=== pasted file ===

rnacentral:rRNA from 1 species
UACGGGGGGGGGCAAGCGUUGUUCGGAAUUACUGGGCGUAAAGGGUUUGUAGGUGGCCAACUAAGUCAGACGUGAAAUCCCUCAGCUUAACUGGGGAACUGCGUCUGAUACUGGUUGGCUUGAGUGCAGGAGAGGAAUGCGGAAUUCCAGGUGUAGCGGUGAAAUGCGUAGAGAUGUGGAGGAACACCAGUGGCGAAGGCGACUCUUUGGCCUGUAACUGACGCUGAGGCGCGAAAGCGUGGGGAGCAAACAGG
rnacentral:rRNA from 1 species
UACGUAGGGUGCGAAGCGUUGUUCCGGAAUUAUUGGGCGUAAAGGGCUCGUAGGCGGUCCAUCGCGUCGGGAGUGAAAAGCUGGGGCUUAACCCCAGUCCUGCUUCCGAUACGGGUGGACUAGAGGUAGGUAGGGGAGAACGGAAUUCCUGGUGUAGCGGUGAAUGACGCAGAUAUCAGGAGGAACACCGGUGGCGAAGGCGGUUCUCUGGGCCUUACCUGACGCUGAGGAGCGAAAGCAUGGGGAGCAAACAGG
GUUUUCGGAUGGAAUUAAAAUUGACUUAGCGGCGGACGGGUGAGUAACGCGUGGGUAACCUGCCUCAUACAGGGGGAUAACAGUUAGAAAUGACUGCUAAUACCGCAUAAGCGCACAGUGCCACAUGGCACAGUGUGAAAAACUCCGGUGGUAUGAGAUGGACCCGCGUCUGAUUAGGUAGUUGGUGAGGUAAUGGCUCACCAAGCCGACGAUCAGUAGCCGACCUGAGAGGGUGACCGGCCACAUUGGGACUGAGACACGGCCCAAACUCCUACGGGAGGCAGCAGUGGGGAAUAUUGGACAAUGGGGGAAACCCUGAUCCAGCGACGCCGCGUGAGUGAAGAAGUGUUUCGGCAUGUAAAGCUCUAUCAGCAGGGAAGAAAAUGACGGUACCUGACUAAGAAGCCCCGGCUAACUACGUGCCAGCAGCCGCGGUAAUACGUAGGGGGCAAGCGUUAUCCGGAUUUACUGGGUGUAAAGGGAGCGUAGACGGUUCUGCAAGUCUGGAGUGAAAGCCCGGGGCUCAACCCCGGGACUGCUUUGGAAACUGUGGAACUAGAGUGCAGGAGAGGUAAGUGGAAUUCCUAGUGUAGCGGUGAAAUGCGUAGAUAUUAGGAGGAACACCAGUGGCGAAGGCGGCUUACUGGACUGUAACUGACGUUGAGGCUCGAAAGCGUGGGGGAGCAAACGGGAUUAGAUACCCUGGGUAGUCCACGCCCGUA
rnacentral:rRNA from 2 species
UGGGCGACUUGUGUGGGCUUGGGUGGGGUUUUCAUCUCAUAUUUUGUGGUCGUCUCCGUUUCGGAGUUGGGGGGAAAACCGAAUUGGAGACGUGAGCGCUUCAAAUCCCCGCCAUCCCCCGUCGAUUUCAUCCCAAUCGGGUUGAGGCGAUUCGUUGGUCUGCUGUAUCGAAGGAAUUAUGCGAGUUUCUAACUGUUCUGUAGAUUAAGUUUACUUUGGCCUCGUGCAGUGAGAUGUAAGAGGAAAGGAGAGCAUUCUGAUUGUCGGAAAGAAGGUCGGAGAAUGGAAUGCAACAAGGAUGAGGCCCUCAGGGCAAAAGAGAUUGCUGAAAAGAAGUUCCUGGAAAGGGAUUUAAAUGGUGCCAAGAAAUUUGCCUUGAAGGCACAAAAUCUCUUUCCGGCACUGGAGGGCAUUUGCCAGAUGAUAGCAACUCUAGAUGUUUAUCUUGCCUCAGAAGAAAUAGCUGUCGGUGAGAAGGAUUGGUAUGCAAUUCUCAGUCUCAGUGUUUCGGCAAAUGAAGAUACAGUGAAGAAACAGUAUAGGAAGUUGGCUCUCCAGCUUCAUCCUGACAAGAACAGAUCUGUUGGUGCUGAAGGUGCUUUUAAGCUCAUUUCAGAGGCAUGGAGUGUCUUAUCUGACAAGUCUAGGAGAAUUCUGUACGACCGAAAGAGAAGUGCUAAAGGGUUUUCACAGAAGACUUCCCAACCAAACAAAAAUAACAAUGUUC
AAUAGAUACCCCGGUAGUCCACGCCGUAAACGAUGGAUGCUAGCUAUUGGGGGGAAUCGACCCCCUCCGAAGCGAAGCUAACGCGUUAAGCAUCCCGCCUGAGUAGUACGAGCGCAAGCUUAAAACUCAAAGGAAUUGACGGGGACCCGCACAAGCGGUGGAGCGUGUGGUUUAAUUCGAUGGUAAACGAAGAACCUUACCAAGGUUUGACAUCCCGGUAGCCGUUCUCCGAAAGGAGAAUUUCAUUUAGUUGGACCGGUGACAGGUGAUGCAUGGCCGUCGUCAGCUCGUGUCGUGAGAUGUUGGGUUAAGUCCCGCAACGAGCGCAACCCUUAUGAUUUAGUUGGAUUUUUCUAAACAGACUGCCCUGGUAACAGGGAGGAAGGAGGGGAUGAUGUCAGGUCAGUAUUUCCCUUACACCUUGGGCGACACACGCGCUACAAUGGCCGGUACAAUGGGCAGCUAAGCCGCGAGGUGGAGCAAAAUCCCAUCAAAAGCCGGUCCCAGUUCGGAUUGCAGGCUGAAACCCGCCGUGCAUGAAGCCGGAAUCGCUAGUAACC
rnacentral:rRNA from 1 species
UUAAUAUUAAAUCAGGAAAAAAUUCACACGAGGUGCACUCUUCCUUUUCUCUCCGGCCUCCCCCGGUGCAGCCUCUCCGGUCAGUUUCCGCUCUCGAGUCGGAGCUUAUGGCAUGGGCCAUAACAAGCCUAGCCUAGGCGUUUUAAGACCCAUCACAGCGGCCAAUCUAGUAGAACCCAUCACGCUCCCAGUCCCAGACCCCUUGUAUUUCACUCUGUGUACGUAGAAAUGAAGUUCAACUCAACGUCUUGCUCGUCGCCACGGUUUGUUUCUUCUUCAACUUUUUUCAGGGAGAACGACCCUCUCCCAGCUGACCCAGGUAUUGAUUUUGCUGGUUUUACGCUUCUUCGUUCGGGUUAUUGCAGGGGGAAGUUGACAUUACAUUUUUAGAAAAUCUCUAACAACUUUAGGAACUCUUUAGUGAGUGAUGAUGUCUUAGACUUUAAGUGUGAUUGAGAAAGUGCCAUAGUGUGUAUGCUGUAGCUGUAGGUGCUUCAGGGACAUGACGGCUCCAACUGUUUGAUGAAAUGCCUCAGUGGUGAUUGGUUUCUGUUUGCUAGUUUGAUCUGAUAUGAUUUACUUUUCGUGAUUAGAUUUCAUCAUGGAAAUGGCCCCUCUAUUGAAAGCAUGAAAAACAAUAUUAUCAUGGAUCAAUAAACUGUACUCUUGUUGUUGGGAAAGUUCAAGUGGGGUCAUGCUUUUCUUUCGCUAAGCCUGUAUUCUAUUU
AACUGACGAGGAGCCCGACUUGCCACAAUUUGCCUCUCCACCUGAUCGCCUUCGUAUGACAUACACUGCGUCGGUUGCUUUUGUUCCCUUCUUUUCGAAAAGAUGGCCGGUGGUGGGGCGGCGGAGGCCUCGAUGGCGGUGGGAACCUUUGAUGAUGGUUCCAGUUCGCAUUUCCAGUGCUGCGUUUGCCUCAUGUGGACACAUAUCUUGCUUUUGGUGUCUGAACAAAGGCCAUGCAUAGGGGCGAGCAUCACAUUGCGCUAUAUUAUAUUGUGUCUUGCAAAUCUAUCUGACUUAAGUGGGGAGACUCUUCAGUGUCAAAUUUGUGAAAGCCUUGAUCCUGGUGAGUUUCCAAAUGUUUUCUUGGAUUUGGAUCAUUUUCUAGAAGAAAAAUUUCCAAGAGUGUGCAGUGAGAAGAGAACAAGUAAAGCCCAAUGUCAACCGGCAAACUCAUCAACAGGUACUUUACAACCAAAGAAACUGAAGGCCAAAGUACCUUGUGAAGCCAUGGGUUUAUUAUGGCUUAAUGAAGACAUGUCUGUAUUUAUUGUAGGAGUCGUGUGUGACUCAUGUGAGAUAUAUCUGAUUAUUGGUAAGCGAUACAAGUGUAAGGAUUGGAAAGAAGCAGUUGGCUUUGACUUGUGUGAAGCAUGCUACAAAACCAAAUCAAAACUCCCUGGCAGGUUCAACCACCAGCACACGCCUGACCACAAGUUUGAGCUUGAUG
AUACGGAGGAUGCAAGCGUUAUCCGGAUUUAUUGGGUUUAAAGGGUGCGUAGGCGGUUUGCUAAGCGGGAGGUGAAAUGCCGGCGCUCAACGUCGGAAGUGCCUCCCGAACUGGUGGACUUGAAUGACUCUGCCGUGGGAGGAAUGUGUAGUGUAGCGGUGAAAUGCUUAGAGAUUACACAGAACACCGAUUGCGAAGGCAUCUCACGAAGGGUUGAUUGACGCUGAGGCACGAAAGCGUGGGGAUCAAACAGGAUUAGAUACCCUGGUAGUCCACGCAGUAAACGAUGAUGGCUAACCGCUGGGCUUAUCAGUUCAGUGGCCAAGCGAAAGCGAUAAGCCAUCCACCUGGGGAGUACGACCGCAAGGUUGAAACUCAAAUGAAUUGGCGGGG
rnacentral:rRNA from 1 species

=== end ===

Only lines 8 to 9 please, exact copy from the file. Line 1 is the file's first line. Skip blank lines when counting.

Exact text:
AAUAGAUACCCCGGUAGUCCACGCCGUAAACGAUGGAUGCUAGCUAUUGGGGGGAAUCGACCCCCUCCGAAGCGAAGCUAACGCGUUAAGCAUCCCGCCUGAGUAGUACGAGCGCAAGCUUAAAACUCAAAGGAAUUGACGGGGACCCGCACAAGCGGUGGAGCGUGUGGUUUAAUUCGAUGGUAAACGAAGAACCUUACCAAGGUUUGACAUCCCGGUAGCCGUUCUCCGAAAGGAGAAUUUCAUUUAGUUGGACCGGUGACAGGUGAUGCAUGGCCGUCGUCAGCUCGUGUCGUGAGAUGUUGGGUUAAGUCCCGCAACGAGCGCAACCCUUAUGAUUUAGUUGGAUUUUUCUAAACAGACUGCCCUGGUAACAGGGAGGAAGGAGGGGAUGAUGUCAGGUCAGUAUUUCCCUUACACCUUGGGCGACACACGCGCUACAAUGGCCGGUACAAUGGGCAGCUAAGCCGCGAGGUGGAGCAAAAUCCCAUCAAAAGCCGGUCCCAGUUCGGAUUGCAGGCUGAAACCCGCCGUGCAUGAAGCCGGAAUCGCUAGUAACC
rnacentral:rRNA from 1 species